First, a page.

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To amplify the voices of the vulnerable, the marginalized and the excluded.


Chedeline, Josiette and Lovely are three girls of 11 and 10. They make their living into the street of Cap-Haitien in the north of Haiti at about a hundred kilometers from Ennery their home village.

These girls met at Rue A and are beggars.  Insulted by certain passers-by as well as a sign of pity from others, they have to face the daily living and so far they have counted on the providence.

In spite of their young age, they struggle and survive to have the right to the sole thing that matters for them: the daily bread.

After collecting a certain sum that she beleives to be substantial, at a certain time of the year they return to their village to bring a relief to a mother who most of the time lives alone with little siblings. Thin, yellowished hair, tartred teeth, poorly dressed and bare footed, they haunt daily the streets of the town. They tell their experiences.

“Lovely, my mother and I  come from Ennery, (a little village located on the south of the north region) to earn a living. My mother tries to search for jobs and finally we all three were begging. We did not have a father to support us back home”.

In fact, the father of Chedeline passed away due to an unknown sickness while Lovely’s father abondoned them after the birth of his second child, a three year boy who remains in Ennery.

Their day begins early morning.  They are up by 5:00. By the time to wash their face,  are already into the streets. They first stop at the public market in search of some  leftovers.

During the day, we do not see our mother and we don’t even know where she is. We meet later at  at the Lescot dormitory to spend the night.

Cite Lescot is a popular slum situated at the west side of the town. It is in this a old building strewn with faeces and waste called dormitory that peasants, gawpers, prostitutes, beggars and these girls spend their night into promiscuity by lying down on pieces of cardboard rented for two gourdes a night from the lanlord of the place.

This fee is collected by two strapping individuals who pretend to work for the account of the city mayor.

`Here, I can earn 5-15 gourdes a day depending of the period, sometimes 25 gourdes. After  paying for food and the dormitory, I save a few pennies. In Ennery, we could not even eat, the situation was very difficult for my mother`, Chedeline said.

I’ve been in Cap-Haitien for three years, I return to my village sometimes to bring some money (to who???), but my mother goes there more often.”

“ I arrived in Cap about eight days ago”, shyly said Lovely. “ I am here for the first time. My mother said if I come, one can earn money.

“ I was ashamed during the first days when I was insulted by passers. They tell me to look for works to do or insult me with obscene words. However, Chedline assured me  not to worry

“ I begin to earn some money now”, she continues smiling.

“I once have been to Port-au-prince. I was placed by my mother at the house of a lady named Aliette. I stayed home to take care of his little boy and to clean. The lady had always an excuse or another to beat me everyday. One day, she beated me until I started to bleed because I did not do the dishes. I had a headache that day and I did not feel well. I send a message to my mother to come for me and we returned to Ennery.”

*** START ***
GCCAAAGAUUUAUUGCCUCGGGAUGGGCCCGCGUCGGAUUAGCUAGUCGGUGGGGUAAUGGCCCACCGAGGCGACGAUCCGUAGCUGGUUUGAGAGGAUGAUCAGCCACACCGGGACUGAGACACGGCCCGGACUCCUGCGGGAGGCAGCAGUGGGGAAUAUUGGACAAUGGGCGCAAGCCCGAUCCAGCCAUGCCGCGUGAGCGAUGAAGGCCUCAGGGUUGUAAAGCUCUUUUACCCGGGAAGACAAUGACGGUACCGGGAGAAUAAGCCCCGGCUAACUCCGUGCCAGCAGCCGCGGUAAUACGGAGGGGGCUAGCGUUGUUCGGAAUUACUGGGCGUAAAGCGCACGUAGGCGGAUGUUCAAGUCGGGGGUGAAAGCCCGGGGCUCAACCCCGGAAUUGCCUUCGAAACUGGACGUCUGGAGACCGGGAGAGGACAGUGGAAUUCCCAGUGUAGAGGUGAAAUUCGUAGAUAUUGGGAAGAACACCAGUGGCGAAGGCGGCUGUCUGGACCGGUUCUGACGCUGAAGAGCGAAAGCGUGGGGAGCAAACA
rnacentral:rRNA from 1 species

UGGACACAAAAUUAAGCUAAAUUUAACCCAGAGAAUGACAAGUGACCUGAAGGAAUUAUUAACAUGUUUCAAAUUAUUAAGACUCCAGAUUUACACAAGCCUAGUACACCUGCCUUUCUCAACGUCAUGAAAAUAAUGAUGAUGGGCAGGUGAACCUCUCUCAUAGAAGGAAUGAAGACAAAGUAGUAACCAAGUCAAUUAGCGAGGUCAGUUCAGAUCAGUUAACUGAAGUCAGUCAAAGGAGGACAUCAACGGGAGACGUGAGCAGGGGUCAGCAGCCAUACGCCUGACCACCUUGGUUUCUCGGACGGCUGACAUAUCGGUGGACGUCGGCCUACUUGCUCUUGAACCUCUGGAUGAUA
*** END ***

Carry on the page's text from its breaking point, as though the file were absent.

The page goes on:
Thanks to the presence of their mother, these girls are not sexually harassed and do not go along with  older women who steal sometimes their earnings for the day. So far, they have been spared of drugs or “thinner”, a chemical mixage the street children use as drugs.

Josiette is the oldest among her four sibling. She’s also from Ennery and came to Cap-Haitien on her own but she said Chedline and Lovely are her cousins.

“ I cannot remember for how long I have been here’, she stated. My mom stays in Ennery to take care of the other children (one is quite young) and I occasionally send her some money. I don’t intend to return to Ennery, if people in our surroundings know I live and beg into the street, they will humiliate my mother and won’t show any respect to her.

“ Here, nobody recognizes me and I am not afraid of anything. Moreover, I earn soe money though it’s not much. I hear that one can earn up to 100 gourdes a day in Port-au-prince, but people beat the little girls and I would not like to be mistreated”, she added.

These girls are simply younger but are not the only ones found in this situation in the north metropolis. Since the organization “ Enfants du Monde” that provided them one meal a day stopped its operations, there is no other ressource and they can only rely on themselves.

These girls, victims of the precarious economic hardship of their families are typical cases of poverty in Haiti particularly in the rural areas. These children wander into the streets in order to avert their bad luck and to access to an improvement that avoids them obstinately and finally draws disregard from many.